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Home > Knowledge & support > Living with type 1 diabetes > Everyday life > Travelling > Airport security and diabetes technology
Many UK airports are now following guidance from the Civil Aviation Authority to help people with type 1 get through airport security as quickly and easily as possible. The information below can help you make the process as smooth as possible.
Allow at least one hour to go through security in case your luggage or type 1 tech needs to be checked.
A Medical Device Awareness Card was launched in the UK in 2019, sponsored by the UK Civil Aviation Authority (CAA) and Airport Operators Association (AOA).
The card provides information about insulin pumps and continuous glucose monitors (CGM) for airport Security Officers and passengers.
Simply print it off from the CAA website and take it to the airport with you.
Learn more about the MDA Card in this short video:
Even though it may not feel like a disability, type 1 diabetes is legally classed as a hidden disability. Many UK airports now provide lanyards for anyone with a hidden disability so that security staff are aware they may need extra help, understanding or knowledge.
Contact the airport you’re flying from to ask if they provide hidden disability lanyards and to find out how you can get one.
Don’t forget to get a letter from your GP or Diabetes Care Team before you travel so you can prove you have type 1 diabetes and provide details about the treatments and technology you are carrying.
You will need to take the equipment and supplies you need for the journey in your carry-on luggage, and anything that can’t be put in your hold luggage (like insulin, which can freeze in the hold, and pumps, which can be damaged by luggage scanners). This means you’ll have to take it through airport security.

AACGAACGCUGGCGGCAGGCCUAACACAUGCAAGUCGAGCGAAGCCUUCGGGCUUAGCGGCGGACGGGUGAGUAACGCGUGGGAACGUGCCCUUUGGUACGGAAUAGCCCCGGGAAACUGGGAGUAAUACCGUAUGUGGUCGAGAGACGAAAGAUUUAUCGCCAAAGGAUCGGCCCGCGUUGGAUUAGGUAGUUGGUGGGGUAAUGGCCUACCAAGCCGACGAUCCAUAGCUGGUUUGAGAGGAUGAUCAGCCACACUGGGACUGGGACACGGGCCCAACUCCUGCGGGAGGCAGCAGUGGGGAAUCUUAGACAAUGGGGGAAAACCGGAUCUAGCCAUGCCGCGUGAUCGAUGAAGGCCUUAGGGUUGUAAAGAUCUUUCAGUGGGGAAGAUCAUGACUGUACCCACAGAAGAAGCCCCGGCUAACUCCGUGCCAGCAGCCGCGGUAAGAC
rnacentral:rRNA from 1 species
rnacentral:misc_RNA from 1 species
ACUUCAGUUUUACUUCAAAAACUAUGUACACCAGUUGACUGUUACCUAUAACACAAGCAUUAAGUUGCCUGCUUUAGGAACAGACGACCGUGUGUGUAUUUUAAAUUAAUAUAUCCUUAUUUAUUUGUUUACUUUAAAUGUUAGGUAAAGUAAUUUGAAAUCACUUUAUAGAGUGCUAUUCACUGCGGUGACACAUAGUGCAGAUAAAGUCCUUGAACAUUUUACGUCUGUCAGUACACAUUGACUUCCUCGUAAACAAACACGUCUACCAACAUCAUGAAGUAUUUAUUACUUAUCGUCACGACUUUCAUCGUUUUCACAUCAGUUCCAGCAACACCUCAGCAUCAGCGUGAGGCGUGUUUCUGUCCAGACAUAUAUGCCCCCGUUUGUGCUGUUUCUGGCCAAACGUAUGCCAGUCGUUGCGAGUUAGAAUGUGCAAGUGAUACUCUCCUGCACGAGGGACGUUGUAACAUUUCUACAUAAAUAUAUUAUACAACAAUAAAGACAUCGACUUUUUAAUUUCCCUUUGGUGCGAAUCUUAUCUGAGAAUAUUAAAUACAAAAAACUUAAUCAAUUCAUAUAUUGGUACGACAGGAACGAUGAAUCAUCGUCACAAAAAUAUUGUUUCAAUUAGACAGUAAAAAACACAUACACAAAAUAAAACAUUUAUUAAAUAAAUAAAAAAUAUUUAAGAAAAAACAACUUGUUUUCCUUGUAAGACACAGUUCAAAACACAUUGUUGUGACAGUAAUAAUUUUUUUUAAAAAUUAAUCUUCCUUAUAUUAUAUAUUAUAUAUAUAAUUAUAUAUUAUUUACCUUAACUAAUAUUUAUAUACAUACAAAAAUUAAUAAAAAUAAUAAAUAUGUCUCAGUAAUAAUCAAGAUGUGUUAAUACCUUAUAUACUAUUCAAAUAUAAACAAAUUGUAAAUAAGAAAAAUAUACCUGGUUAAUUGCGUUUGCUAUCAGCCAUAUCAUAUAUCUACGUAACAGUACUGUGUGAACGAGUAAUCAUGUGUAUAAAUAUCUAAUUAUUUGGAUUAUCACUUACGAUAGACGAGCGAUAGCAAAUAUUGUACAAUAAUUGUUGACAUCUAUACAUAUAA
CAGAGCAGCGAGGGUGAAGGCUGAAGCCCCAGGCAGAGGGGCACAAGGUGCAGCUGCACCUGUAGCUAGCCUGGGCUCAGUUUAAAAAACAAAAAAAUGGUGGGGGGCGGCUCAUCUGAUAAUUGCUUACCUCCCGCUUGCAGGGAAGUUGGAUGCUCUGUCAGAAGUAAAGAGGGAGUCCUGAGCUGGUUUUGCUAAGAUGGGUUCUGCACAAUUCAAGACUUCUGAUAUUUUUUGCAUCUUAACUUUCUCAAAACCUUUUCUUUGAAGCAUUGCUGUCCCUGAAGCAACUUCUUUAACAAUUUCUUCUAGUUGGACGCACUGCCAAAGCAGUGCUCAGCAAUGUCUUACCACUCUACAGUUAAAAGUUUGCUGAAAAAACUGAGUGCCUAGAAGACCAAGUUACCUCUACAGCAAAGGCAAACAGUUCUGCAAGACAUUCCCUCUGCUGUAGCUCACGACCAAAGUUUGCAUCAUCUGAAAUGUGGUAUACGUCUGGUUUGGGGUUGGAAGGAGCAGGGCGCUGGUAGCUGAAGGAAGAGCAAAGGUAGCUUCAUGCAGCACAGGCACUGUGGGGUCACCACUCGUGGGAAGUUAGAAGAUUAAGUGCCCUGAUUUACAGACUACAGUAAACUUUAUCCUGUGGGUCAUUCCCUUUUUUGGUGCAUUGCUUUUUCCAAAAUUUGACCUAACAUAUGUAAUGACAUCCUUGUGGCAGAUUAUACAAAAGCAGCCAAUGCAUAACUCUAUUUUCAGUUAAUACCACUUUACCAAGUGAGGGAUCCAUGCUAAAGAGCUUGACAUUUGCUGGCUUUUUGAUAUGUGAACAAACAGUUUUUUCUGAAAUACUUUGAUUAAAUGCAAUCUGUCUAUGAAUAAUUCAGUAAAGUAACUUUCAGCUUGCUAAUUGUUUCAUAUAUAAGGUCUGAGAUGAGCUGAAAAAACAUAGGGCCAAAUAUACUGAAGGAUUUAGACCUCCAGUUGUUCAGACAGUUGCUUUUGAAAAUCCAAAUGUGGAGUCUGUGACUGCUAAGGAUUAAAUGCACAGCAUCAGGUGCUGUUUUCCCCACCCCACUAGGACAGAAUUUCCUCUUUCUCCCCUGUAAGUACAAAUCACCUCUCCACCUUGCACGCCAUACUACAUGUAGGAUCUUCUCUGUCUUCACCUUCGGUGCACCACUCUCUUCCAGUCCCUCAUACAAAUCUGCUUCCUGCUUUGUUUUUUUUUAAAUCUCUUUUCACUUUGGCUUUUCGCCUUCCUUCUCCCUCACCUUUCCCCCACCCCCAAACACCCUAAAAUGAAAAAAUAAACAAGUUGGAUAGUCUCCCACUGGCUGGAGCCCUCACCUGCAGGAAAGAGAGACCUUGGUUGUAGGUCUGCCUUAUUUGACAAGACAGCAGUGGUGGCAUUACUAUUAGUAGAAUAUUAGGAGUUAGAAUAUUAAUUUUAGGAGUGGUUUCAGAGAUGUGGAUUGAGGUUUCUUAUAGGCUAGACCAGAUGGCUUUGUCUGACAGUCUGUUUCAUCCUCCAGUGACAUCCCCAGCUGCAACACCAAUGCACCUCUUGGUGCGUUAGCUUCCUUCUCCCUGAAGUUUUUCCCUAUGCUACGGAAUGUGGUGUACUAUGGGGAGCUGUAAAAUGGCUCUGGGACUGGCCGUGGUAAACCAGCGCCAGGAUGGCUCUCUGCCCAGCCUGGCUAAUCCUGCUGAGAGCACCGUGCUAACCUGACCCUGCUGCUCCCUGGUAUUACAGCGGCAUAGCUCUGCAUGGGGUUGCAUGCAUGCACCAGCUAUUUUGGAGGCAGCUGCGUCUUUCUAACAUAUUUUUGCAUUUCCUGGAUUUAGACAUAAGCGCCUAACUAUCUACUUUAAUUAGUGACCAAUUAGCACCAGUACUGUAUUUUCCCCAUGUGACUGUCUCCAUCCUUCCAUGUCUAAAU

Tell a security agent that you are carrying medical equipment before you put your bags through the scanner or walk through one yourself. Show them your MDA card, doctor’s letter and hidden disability lanyard (see above) if you have one.
Most CGMs can be taken through the walk-through metal detectors at airport security. However, they should not be exposed to x-rays so shouldn’t be exposed to hand luggage scanners, hold luggage scanners or full-body scanners. If you don’t want to remove your CGM when you go through a full-body scanner, you can ask for a pat down instead.
If you’re unsure, contact your CGM manufacturer.
Most insulin pumps can be taken through the walk-through metal detectors. They should not be exposed to x-rays so don’t put them through hand luggage scanners, hold luggage scanners or full body scanners. You can either remove your pump to go through the full body scanners or ask for a pat down instead.
If you’re unsure, contact your insulin pump manufacturer.
Flash glucose sensors, called the Freestyle Libre, can be taken through all airport security scanners, including x-ray, without it affecting its functions.
Make sure you are using a medically approved cool bag to take your insulin through security, otherwise security staff may not accept them.
You can take insulin pens through all the airport security scanners and detectors. Make sure you have your documents to hand in case you are asked about your insulin pen.
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